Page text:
And thus unions' existence is first ensured by government intervention, and then enabled through it. Yet there is something even more fundamental and sinister at work in making unions necessary, which seems to have, to my knowledge, gone largely unaccounted for.

This is the factor of inflation. All modern states exist in an almost permanent state of price inflation, infrequently interspersed with bouts of deflation, or fears thereof caused by disinflation. It is my belief, that this is the most fundamental reason for which unions can exist. If the role of a union is to raise wages for its members, and a currency is being devalued from year to year, were workers to continue being paid the same nominal wage, then their real wage would be going down. Thus, unions exert power upon employers to raise nominal wages in line with inflation. Firms themselves are often unwilling to raise wages because to do so they must also raise nominal prices – something highly unpopular.

Firms often end up absorbing a part of inflation through efficiency gains and timorousness in raising prices. We already know from game theory that oligopolistic markets face a kinked demand curve, that any firm individually raising prices will lose market share, and that the only "fair" solution to this for all firms involved would be an illegal cartel raising prices in accordance with inflation simultaneously.

If governments pursue a doctrine of inflation, then nominal prices, which are sticky upwards, will have difficulty being raised in line with inflation, causing firms to underpay employees in real terms, leading to a clamour for unions.

If, on the other hand, governments pursue a doctrine of price deflation due to a stable money supply, then as the supply of goods and services increases, their prices will fall as firms vie for market share in price wars beneficial to consumers; while employers will have a hard time reducing nominal wages, which are sticky all the more so downwards. Thus will the real purchasing power of employees rise, without the need for unions, and in accordance with productivity increases passed on through a competitive slashing of prices.


P.S. I am fully aware that a corporation itself is a collectivist legal construct manifested only through government help, i.e. limited legal liability, acts of incorporation, etc. and as such is not an entirely free market phenomenon, making socialist criticism of corporatism as an example of the inequity of free markets as a cheap straw man, if one they may be unaware of.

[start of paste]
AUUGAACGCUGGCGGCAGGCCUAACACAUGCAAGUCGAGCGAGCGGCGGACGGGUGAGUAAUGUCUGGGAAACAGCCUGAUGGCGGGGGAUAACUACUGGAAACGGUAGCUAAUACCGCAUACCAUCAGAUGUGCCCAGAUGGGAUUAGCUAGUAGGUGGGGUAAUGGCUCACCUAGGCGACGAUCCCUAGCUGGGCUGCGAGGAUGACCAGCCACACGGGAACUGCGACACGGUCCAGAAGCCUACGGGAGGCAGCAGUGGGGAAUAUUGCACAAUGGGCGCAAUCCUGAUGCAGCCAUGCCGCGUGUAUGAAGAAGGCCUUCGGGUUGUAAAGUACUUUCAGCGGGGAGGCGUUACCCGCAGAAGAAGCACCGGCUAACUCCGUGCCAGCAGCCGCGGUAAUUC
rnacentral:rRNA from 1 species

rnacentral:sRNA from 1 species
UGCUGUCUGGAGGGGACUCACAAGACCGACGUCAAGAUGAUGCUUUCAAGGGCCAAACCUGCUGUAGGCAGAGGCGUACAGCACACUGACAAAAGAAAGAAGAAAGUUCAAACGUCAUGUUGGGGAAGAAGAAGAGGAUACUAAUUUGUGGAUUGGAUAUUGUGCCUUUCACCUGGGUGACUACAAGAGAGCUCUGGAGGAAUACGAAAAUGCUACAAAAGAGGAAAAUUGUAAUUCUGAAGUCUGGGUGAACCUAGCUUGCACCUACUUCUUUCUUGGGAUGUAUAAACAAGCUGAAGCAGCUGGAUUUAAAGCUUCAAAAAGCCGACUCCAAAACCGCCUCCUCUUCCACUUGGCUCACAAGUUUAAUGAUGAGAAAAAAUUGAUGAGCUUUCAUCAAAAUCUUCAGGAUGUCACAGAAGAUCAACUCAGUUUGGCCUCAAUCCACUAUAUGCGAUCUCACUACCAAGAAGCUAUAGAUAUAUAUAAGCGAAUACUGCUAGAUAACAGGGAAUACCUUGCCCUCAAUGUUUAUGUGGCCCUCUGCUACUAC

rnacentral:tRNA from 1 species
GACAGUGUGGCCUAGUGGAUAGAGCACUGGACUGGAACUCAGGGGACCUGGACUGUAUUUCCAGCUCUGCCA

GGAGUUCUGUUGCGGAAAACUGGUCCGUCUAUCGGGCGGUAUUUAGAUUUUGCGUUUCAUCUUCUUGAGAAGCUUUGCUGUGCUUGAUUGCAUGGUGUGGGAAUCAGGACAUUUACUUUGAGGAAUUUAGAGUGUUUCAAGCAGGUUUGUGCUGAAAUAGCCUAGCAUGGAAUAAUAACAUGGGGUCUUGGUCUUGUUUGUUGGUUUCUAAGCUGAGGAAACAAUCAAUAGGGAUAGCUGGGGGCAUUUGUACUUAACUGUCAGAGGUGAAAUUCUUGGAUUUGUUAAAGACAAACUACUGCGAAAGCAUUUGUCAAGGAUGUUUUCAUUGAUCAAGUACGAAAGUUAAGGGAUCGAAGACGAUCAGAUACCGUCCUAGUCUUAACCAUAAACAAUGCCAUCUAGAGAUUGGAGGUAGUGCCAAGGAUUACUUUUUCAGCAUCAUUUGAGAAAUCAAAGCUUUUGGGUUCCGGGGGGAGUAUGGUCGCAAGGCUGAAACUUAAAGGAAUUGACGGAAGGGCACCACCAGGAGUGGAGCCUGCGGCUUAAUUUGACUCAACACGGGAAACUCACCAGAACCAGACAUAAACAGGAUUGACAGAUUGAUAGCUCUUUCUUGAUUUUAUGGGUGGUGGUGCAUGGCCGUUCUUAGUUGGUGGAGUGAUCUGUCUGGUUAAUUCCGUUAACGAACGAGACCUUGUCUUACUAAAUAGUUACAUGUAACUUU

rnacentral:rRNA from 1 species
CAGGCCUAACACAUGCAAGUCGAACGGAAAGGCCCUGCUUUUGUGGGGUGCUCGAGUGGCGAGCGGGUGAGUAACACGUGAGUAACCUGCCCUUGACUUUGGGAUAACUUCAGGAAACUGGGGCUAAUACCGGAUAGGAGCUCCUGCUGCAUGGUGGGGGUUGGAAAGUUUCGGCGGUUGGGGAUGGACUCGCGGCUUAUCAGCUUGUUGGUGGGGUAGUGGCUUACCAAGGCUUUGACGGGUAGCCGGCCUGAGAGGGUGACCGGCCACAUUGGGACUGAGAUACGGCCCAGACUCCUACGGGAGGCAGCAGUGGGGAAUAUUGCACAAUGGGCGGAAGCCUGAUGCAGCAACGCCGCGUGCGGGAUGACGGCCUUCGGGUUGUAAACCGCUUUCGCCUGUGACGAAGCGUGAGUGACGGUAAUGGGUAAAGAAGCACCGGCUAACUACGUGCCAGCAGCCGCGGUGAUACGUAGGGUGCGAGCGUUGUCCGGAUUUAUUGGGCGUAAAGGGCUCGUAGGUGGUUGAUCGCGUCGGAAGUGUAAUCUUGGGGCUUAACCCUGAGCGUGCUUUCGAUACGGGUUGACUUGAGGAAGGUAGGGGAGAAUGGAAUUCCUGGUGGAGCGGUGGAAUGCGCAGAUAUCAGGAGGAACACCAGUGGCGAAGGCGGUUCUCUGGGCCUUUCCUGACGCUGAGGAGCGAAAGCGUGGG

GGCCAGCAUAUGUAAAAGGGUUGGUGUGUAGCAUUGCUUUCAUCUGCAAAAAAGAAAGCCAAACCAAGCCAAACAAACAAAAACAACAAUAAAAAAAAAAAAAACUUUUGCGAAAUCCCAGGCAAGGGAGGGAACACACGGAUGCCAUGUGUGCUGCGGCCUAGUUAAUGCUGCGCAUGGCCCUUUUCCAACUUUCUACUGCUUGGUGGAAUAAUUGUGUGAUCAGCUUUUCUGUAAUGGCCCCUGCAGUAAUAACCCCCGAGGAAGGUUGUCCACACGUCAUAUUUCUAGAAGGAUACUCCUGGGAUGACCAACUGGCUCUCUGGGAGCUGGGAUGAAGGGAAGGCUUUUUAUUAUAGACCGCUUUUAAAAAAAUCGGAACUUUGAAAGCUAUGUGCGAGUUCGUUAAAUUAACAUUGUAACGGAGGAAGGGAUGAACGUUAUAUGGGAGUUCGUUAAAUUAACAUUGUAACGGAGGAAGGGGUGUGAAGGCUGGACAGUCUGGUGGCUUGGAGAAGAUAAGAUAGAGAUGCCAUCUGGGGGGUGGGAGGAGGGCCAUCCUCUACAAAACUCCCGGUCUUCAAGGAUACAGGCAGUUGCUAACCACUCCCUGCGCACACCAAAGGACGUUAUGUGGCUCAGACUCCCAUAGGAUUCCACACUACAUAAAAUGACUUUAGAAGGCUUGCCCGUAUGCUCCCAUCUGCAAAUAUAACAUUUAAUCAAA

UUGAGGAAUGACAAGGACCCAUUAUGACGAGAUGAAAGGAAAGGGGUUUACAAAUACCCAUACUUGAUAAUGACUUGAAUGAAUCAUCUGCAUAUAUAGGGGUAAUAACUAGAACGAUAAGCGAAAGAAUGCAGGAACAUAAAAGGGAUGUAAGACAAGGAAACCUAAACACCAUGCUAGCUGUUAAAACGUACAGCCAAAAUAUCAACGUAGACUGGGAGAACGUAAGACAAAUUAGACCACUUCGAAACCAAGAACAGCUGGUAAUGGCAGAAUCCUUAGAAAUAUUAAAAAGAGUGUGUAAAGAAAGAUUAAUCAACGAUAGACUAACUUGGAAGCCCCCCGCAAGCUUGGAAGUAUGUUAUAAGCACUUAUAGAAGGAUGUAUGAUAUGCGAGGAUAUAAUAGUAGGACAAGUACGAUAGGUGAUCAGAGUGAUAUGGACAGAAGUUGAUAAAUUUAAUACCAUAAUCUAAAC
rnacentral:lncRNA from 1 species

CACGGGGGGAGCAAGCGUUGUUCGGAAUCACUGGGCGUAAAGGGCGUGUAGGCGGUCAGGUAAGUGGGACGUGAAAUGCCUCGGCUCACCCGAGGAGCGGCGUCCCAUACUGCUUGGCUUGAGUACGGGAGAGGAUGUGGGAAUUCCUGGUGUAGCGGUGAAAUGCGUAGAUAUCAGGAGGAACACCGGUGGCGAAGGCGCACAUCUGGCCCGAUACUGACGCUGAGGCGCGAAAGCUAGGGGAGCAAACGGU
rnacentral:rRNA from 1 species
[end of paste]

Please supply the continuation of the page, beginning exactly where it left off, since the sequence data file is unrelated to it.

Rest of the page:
Scarcity can be defined as the ownership of something tangible which necessarily excludes others from using it. Thus, if I own a fork, I exclude others from using it, unless I either give it away or temporarily transfer availability of it to someone else, which in turn means I cannot at that point in time use it. Should someone steal it from me, the act of theft can be characterised by two features. First, the transfer of property is involuntary on the part of the original owner, and does not involve mutual consent. Second, the transfer of ownership excludes the previous owner from using the property – that is to say, if someone steals my fork, I can no longer use it.

Intellectual property, on the other hand, is not a scarce resource. If I see you making a sandwich and decide to make one myself using my own bread and cheese, I am not taking away your idea from you – you still have possession of your idea. When I make a sandwich based on your idea, you do not lose your own ability to make a sandwich. Ideas themselves are therefore not in principle scarce economic goods. Having said that, you could certainly create artificial scarcity by hiding your idea of making a sandwich from me, and thus try to imbue your idea with added value due to its newly acquired scarcity. Such means of protecting ones' ideas are in my opinion perfectly valid.

If however you were to try to stop me from making my own sandwich once I had already acquired the idea, you would be violating my very real physical property rights. You would in fact be restricting the ways in which I can use my physical property (bread and cheese), and in so doing would also be laying claim to ideas inside my mind, violating my self-ownership too. This contradiction between self ownership and physical property rights on the one hand and intellectual property rights on the other cannot logically be valid, since intellectual property rights can only come about as a consequence of self-ownership and physical property rights. You must first own yourself, in order to own your ideas. Of course, there is nothing stopping you from getting me to voluntarily sign a contract agreeing to not disclose your idea to others, or to use it in limited ways, but such a contract must be explicit, and signed by both parties.